Post by: Konstantin Oshchepkov
This summer, I am clerking with the office of Alabama Attorney General. The case I am working is against a company that operates Asian massage parlors involved in human trafficking. Alabama, like many other U.S. states, is increasingly confronted with the problem of human trafficking. But adequate and comprehensive training of law enforcement officers to spot and investigate human trafficking is yet to be put together. Assistant Attorney General Audrey Jordan and I traveled to the University of West Alabama to attend a law enforcement training on human trafficking. Besides Ms. Jordan, speakers that day were a lieutenant from Tuscaloosa Police Department, an HSI agent, a researcher from the University of Alabama, and a survivor of human trafficking.
Human trafficking is a rapidly growing problem in the U.S. and is often referred to as Modern-Day Slavery. It is estimated from the records of the slave traders in America that around 12.5 million slaves were sold during the 400 years of slave trade. In contrast, today, the International Labor Organization reports that there are 40.3 million victims of human trafficking in the world. Chris Lim, director of the Alabama Uniform Integrated Human Trafficking Initiative at the University of Alabama, estimates that there are 6,356 victims of human trafficking in Alabama alone on any given day—a large number for a state with population of 4,487,871.
Human trafficking is a lucrative and at the same time low-risk crime, said Audrey Jordan, Assistant Attorney General of Alabama. Although sting operations lead to detention and arrests, this crime is often not prosecuted. One big reason is that the victims are not willing to testify as witnesses against the traffickers because of fear and shame. Stockholm syndrome (also called trauma bonding) is another reason.
It is often hard to identify the victim of human trafficking. The image of a human trafficking victim that the public usually gets is one who is bound in chains and is held in a locked room. But often, the coercion is not physical but mental. Many of the victims have freedom of movement and “willingly” engage in illicit activity. The perpetrators brainwash the victims whose mentality is changed through manipulation and deceit. Because of the manipulation, the trafficked persons do not perceived themselves as victims. It is only after the rescue that the victims realize that they have been victimized.
To many, it is shocking to hear that about 80% of victims of human trafficking in America are home-grown—they were born and raised in the U.S., said Lieutenant Darren Beams from the Tuscaloosa Police Department who serves as the Commander at the West Alabama Human Trafficking Task Force. It is also shocking to hear that familial trafficking is very common: mothers and fathers sell or exploit their children for money and drugs.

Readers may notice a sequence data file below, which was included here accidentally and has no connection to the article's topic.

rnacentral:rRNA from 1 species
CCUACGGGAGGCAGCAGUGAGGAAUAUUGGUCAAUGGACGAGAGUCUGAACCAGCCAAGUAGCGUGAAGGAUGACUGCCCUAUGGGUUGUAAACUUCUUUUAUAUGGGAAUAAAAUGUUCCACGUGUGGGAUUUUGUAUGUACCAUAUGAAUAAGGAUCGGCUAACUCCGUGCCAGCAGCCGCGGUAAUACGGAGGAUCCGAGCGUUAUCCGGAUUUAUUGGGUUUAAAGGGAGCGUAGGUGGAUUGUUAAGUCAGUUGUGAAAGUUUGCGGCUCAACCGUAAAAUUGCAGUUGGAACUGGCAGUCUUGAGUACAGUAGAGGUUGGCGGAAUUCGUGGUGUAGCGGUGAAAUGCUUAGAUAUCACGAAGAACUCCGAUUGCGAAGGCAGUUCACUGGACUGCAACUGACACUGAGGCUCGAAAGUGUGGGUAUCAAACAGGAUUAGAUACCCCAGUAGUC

It takes, on average, about 10 contacts with police before victims open up, which makes it hard to detect situation where trafficking is taking place. The victims are taught by the traffickers how to behave around police and strangers. They are not to make eye contact or talk to anyone. The victims know that they are constantly being watched.
Changes were made to the Alabama Human Trafficking statutory provisions last year. With new authority, the Attorney General has the power to bring civil suits if there is reasonable belief that an individual or a business is involved in human trafficking.
The Alabama human trafficking statutes consider persons under the age of 19 to be minors. If the victim is a minor, the prosecutor does not have to prove that force, fraud, or coercion took place to successfully prosecute for trafficking. The Alabama law also has provisions to hold owners of business establishments (such as motels) accountable if the owners have knowledge or should have known that human trafficking is taking place at the establishment.
There are non-governmental organizations that help the survivors of human trafficking. Alabama-based Christian organization called the WellHouse provides safe accommodations to survivors of human trafficking. The staff and volunteers provide schooling, therapy, counseling, and, most importantly, a safe home. Dixie, one of the survivors and a graduate of the WellHouse program, describes the WellHouse as a place where the women can learn their value and move beyond the identity of being a victim. This is a place of restoration. Her wish is that more people would show love, compassion, and patience to the victims of human trafficking. Her warning to the young: realize that there are “real monsters in the world”; they look nice and act polite, but their intentions are evil.
This post was written by Konstantin Oschepkov, an intern with the Center for Global Justice. The views expressed in this post do not necessarily reflect those of Regent University, Regent Law School, or the Center for Global Justice.